Sometimes this self-awareness is a genuine benefit and allows you to address your issues in a healthy manner, head on, and come out the other side a better person.  However, it’s when we don’t address these issues and just continue to hate on ourselves and each other and not do anything about what we don’t like, it’s then –that we are caught in a vicious, dark cycle of self-hatred, which is essentially extreme narcissism flipped on it’s head (after all, the Greek Narcissus killed himself because he couldn’t stop staring at his own reflection).  We become obsessed with being “other” rather than embracing the “true” best version of ourselves as we were made.  And this sucks.  It really really sucks.  It leads to more domino cycles of bullying, nasty comments, sexual abuse, verbal abuse, drug and alcohol abuse, PTSD, and health issues like morbid obesity, OCD or anorexia nervosa (which are all so similar in internal symptoms, but present themselves very differently externally).   

Ask anyone who has modeled or acted professionally (I’m raising my hand but you can’t see it because it’s not something I fully own up to, still, to this day) or done anything where their literal monetary net worth (paycheck) is dependent on how they appear to a certain group of few people with their own fetishes and ideals of beauty, talent and competence.  Think about how much it can hurt to be told to lose 3 pounds to get a job, or take singing lessons when you’re really just singing in the car for fun, or maybe a few more math courses because you momentarily forgot what 5x5 was, or to be physically compared in a half-naked lineup to a slew of other men and women.  Then imagine you’re a 5 year old little girl or boy or a teenager with raging hormones being fed these false ideals sub-consciously, through hearing adults talk about other adults, or watching ads or movies, or sometimes being straight up bullied by your own “friends” and family members.  These people tell you all that matters is that you make money.  All that matters is that you get a filthy rich and attractive wife/husband.  All that matters is that you don’t let anyone take your money.  They tell you all that matters is you drive the latest vehicle.  All that matters is that you are not fat.  All that matters is that the opposite sex sees you as attractive.  All that matters is you are good at math.  All that matters is that you get a “real job.”  All that matters is that you pray to their same God.  This is what people consistently internalize and play out, that all this matters.   All that matters, all that matters, all that matters, all that matters….all this does not matter in the end.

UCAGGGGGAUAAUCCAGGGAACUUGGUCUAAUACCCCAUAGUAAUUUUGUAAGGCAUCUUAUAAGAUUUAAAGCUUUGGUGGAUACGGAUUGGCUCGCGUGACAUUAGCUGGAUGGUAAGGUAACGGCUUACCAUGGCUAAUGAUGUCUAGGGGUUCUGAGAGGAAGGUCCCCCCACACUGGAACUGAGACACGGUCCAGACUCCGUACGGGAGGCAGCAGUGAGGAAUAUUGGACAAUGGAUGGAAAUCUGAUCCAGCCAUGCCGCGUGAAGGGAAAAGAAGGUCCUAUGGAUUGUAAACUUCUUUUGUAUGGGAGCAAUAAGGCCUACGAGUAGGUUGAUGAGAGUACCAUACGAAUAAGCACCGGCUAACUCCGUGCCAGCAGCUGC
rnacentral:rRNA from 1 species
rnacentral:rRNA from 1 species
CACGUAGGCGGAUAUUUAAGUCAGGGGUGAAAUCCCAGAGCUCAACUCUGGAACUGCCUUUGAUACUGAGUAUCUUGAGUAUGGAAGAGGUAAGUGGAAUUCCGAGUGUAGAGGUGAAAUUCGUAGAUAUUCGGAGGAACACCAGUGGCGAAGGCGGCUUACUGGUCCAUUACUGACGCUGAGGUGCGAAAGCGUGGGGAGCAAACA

The diet culture and the beauty industry and the self-help industry and the auto industry and therapy industry and alll the fucking industries make millllllions of dollars of profit off your low self esteem because they tell you that you need fuller lips, wider hips, no—wait, smaller hips, tiny waist…a smaller ass is in season…no ….ummmmm, wait…the Kardashians and JLo made big booties big again for this decade…so Brazilian butt lifts, implants, bigger eyes.. also “exotic eyes”, a certain shape eyebrow etc, etc, etc.  You get my point. 

Don’t other people define your worth or your brand of inner and outer beauty, especially from a physical perspective.  These things change over time on an individual level and a mass level.  Fads come and go.  Remember the Victorian bustle silhouette?    Body trends don’t last anyhow. What lasts is being healthy, loving yourself healthy self-confidence, self-care and commitment to oneself and others and your community/loved ones.  A desire to do and be your best as a whole, integrated and well-adjusted human being, not your thinnest or prettiest, handsomest or most talented, or richest or fastest runner or swimmer–whatever your things are.  While offering yourself and your talents to the world as a gift is amazing, PLEASE don’t wait to be “perfect” to do this and to show up.  Just show up.  You’ll waste years of time hiding in your own insecurities.  I know I have.  Your kids don’t care if you have a little love handle.  They want to be loved.  Your husband doesn’t care if you have a zit on your face, they love you for what you mean and are to them.  Your boss doesn’t care if you have grey hair or straight hair or curly hair.  And if these people do overly care about these things and verbalize them constantly to you and others, ask yourself why you let them.  Why are they in your life at all?

So, I suppose my long, tangental story has a moral.  Kind of.  

Please take the risk to let yourself and others see your unique inner and outer beauty and even highlight it. Whether it’s a photographer, a boyfriend/girlfriend, your kiddo, a friend or a total stranger who sees you for who you are, it’s a risk worth taking. TAKE THE FUCKING COMPLIMENT.  LET YOURSELF BE SEEN.  To be seen and heard for who you truly are (and can’t always see) is always worth it. I promise. 

Oh, and also fuck perfect.